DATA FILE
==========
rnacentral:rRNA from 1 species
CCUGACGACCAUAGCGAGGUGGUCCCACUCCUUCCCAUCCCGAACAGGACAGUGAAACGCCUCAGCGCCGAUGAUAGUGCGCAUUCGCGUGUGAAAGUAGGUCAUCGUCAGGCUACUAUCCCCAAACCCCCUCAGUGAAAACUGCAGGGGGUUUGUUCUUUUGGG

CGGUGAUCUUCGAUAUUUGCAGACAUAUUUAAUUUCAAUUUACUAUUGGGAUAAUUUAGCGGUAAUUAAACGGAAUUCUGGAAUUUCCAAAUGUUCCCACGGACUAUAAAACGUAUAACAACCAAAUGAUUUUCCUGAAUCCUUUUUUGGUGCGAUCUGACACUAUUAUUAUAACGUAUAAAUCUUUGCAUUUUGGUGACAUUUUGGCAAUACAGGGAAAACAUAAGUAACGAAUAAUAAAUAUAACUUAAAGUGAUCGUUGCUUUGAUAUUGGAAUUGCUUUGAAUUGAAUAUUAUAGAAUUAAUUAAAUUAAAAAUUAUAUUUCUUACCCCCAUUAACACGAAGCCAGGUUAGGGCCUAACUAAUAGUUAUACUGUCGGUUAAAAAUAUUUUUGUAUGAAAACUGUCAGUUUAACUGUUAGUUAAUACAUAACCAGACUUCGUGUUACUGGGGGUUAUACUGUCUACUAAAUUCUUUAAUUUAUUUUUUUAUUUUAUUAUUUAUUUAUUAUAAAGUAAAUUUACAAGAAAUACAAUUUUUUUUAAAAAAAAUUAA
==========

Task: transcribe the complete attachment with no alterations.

rnacentral:rRNA from 1 species
CCUGACGACCAUAGCGAGGUGGUCCCACUCCUUCCCAUCCCGAACAGGACAGUGAAACGCCUCAGCGCCGAUGAUAGUGCGCAUUCGCGUGUGAAAGUAGGUCAUCGUCAGGCUACUAUCCCCAAACCCCCUCAGUGAAAACUGCAGGGGGUUUGUUCUUUUGGG

CGGUGAUCUUCGAUAUUUGCAGACAUAUUUAAUUUCAAUUUACUAUUGGGAUAAUUUAGCGGUAAUUAAACGGAAUUCUGGAAUUUCCAAAUGUUCCCACGGACUAUAAAACGUAUAACAACCAAAUGAUUUUCCUGAAUCCUUUUUUGGUGCGAUCUGACACUAUUAUUAUAACGUAUAAAUCUUUGCAUUUUGGUGACAUUUUGGCAAUACAGGGAAAACAUAAGUAACGAAUAAUAAAUAUAACUUAAAGUGAUCGUUGCUUUGAUAUUGGAAUUGCUUUGAAUUGAAUAUUAUAGAAUUAAUUAAAUUAAAAAUUAUAUUUCUUACCCCCAUUAACACGAAGCCAGGUUAGGGCCUAACUAAUAGUUAUACUGUCGGUUAAAAAUAUUUUUGUAUGAAAACUGUCAGUUUAACUGUUAGUUAAUACAUAACCAGACUUCGUGUUACUGGGGGUUAUACUGUCUACUAAAUUCUUUAAUUUAUUUUUUUAUUUUAUUAUUUAUUUAUUAUAAAGUAAAUUUACAAGAAAUACAAUUUUUUUUAAAAAAAAUUAA